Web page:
Part of a series of "rambling reflections" by Pastor David Riley – a church minister located on the Australian Gold Coast. Make sure you click the "follow" button to receive an update on these articles as soon as they're posted.
Arthur Wellesley – the 1st “Duke of Wellington” – is one of the most famous men of the nineteenth century. The Duke was a decorated soldier and statesman – even becoming the British Prime Minister.
But what the Duke of Wellington is most famous for is being the commanding army officer of the British forces when they defeated Napoleon Bonaparte and the French army at the Battle of Waterloo in the year of 1815.
As a man of faith, the Duke of Wellington would regularly take Communion at his local church where the tradition was that parishioners would come down to the front and be served by the minister while the kneeled at the church’s alter.
And when the Duke of Wellington was at the table nobody else dared come forward until he had finished.
One day, at the height of the Duke’s fame and power, he was taking Communion when a poorly-dressed elderly man walked up one of the church’s aisles, and when reaching the Communion table, knelt down close by the side of the Duke of Wellington.
Immediately there was tension in the church, and a small commotion from the other parishioners present interrupted the reverent silence.
Someone came down and touched the poor man on the shoulder, and whispered to him to move further away from the Duke, or even better – to rise and walk away, and wait until the Duke had finished receiving the bread and the wine.
But the great army commander had seen the meaning of that touch on the shoulder and perhaps partly heard the whisper in the old man’s ear.
The Duke of Wellington quickly clasped the old man’s hand and held him to prevent the old man from standing up. In a respectful but firm whisper, the Duke of Wellington said to the elderly gentleman: “Don’t move…. We are all equal here.”
This story from two centuries ago illustrates one of the key messages of the Gospel – that “we are all one in Christ” (Galatians 3:28).
In a world of significant and increasing disparities – we regularly need reminding that in the eyes of our creator we are all loved and valued the same. There is no differences between black and white, rich and poor, male or female.
God loves each one of us equally – and the ultimate demonstration of that love is Christ’s submission to the cross for the salvation ofeveryone.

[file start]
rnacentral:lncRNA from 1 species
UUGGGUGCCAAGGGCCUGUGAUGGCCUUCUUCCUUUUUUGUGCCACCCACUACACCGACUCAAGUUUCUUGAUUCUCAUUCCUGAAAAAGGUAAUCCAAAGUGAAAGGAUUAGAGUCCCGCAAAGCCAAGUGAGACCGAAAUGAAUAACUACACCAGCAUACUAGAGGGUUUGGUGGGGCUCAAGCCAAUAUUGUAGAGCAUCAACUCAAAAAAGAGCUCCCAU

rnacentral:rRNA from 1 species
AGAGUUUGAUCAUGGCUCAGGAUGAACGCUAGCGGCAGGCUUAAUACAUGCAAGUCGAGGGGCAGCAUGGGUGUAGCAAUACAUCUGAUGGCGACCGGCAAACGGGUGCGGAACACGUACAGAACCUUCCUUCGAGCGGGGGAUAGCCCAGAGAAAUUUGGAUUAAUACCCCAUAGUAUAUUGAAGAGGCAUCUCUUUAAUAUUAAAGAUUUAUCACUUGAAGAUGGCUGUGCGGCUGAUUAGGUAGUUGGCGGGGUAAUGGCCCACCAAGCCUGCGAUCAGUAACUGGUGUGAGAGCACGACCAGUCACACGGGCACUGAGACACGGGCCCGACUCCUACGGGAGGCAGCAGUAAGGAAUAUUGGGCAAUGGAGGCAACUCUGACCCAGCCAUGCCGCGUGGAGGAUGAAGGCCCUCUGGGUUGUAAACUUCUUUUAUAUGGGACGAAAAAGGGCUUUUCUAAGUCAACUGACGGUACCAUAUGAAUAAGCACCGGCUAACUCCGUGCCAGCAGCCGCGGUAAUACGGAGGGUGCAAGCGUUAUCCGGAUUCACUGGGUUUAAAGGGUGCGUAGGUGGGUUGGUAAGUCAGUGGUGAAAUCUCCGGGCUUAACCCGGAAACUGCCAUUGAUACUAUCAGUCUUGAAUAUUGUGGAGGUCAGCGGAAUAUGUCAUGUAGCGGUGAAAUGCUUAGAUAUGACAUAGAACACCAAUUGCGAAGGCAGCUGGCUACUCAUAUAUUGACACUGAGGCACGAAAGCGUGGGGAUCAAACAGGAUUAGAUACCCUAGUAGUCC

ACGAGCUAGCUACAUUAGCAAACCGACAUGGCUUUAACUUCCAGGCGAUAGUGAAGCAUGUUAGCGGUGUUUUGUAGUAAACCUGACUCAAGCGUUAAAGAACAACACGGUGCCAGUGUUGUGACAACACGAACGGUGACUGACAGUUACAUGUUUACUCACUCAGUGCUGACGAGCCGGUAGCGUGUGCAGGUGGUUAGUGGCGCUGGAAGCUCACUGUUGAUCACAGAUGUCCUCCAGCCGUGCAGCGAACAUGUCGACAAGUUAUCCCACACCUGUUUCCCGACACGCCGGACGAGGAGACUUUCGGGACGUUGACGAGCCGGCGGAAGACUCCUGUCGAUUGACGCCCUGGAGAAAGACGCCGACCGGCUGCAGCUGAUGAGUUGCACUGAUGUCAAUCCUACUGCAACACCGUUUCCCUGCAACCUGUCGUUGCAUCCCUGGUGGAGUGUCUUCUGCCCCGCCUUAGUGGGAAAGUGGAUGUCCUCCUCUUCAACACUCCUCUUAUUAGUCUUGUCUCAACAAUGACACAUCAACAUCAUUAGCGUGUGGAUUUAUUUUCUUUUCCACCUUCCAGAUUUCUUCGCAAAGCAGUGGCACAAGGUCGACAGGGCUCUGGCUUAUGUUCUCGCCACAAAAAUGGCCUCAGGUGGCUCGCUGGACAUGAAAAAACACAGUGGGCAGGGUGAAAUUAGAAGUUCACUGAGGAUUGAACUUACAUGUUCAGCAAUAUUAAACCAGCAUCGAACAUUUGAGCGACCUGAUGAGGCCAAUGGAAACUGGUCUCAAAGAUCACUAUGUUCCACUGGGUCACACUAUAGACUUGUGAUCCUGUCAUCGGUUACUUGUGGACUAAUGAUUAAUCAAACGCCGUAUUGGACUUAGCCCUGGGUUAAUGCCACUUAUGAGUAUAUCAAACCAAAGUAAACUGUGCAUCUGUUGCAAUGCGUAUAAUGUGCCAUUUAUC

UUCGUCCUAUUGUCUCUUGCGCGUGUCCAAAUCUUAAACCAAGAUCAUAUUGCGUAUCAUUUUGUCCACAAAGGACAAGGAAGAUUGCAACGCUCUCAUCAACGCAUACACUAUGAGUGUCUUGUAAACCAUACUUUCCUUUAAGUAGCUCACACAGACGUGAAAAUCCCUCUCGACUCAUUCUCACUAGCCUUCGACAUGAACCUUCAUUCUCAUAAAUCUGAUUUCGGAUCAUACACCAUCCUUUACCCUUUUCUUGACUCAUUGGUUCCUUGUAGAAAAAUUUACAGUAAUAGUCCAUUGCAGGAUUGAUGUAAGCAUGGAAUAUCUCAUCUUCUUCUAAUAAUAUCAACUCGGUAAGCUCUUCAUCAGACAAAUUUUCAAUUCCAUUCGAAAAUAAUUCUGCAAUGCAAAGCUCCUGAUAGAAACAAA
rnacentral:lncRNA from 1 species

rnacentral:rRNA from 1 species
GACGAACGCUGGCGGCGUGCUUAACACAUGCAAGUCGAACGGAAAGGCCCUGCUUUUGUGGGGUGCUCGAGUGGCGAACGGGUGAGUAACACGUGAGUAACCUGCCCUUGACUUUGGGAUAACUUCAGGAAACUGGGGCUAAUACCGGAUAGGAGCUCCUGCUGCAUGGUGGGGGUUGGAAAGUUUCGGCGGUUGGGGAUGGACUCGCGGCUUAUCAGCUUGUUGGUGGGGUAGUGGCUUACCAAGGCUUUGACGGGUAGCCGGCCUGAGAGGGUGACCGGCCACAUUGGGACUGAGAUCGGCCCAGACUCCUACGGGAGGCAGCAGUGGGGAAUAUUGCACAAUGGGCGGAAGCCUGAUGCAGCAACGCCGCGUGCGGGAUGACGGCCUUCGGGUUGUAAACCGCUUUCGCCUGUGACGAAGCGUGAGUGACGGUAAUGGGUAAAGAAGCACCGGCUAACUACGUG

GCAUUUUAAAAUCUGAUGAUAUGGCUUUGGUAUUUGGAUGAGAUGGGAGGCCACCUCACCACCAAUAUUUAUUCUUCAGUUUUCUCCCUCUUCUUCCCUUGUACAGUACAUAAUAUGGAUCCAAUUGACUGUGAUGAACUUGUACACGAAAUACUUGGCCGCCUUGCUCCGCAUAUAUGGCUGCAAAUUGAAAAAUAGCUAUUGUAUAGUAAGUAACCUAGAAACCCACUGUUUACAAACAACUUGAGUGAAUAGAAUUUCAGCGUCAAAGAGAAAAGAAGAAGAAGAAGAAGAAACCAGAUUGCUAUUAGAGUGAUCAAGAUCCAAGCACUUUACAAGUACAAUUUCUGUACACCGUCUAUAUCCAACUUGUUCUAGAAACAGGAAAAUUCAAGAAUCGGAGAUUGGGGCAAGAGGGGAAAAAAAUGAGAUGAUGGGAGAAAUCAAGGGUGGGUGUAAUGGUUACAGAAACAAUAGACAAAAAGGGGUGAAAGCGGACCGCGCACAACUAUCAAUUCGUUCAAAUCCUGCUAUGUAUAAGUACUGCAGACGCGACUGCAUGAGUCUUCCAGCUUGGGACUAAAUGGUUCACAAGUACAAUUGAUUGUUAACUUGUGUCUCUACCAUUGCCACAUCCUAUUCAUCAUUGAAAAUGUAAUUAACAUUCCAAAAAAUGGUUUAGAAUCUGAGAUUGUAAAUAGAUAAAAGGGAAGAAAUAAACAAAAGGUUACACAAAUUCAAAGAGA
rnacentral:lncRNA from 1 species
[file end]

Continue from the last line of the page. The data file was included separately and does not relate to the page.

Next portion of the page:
At the foot of the Cross of Jesus Christ – we are all equal there.
About this blog: David Riley is a Christian minister residing on the Gold Coast in Australia. This article is from his “Reverential Ramblings” series.
Charles Laughton was a famous English actor. Classically trained, Laughton performed in many of Shakespeare’s plays in London and went on to star in a number of major Hollywood films during the 1930’s and 40’s.
There’s a story from Charles Laughton’s life that illustrates the difference between acting and living.
Laughton was attending a Christmas party with family friends in London one year. During the evening the host of the party asked everyone to recite a favourite poem or passage from literature that best represented the spirit of Christmas. When it was the turn of the famous actor Laughton skilfully recited Psalm 23 from the Bible. Of course, everyone applauded Laughton’s excellent performance when he finished – and then it moved onto the next person’s turn.
The last to participate was an adored elderly aunt who had dozed off in a corner. Someone gently woke her and explained what was going on. She thought for a moment and in a shaky voice the aged lady began to recite Psalm 23: “The Lord is my shepherd I shall not want…”
There was a slight disquiet in the room for a a very brief moment as everyone realised the aunt wasn’t aware Laughton had shared the exact same passage a few minutes earlier, but they allowed her continue. But within a couple of lines of Psalm 23 something happened – the emotion with which this old lady spoke these famous words of Scripture took the gathering by surprise. When she finished there were audible sobs from some of those gathered, so unexpectedly moved were they by the re-telling of these ancient words.
When the party was over and Charles Laughton was leaving the host thanked him for coming, and then awkwardly commented on the difference in responses from Laughton’s reciting of Psalm 23 to that of his old aunt.
Charles Laughton’s response is said to have been: “Yes, well, I guess I simply know the Psalm – but she clearly knows the Shepherd.”
Being a follower of Jesus is not acting a part but living a real relationship with your Creator.
“Therefore, if anyone is in Christ, he is a new creation. The old has passed away, and behold – the new has come!” (2 Corinthians 5:17).
About this blog: Pastor David Riley is a minister of the Seventh-day Adventist Church and lives on the Gold Coast in Australia. This article is from his “Reverential Ramblings” series – which you can subscribe to by clicking “follow” on this website.
Want to read more inspirational stories of faith from this series? Click here to read the inspiring story of how one soldier’s sacrifice changed an entire prisoner-of-war camp during World War II.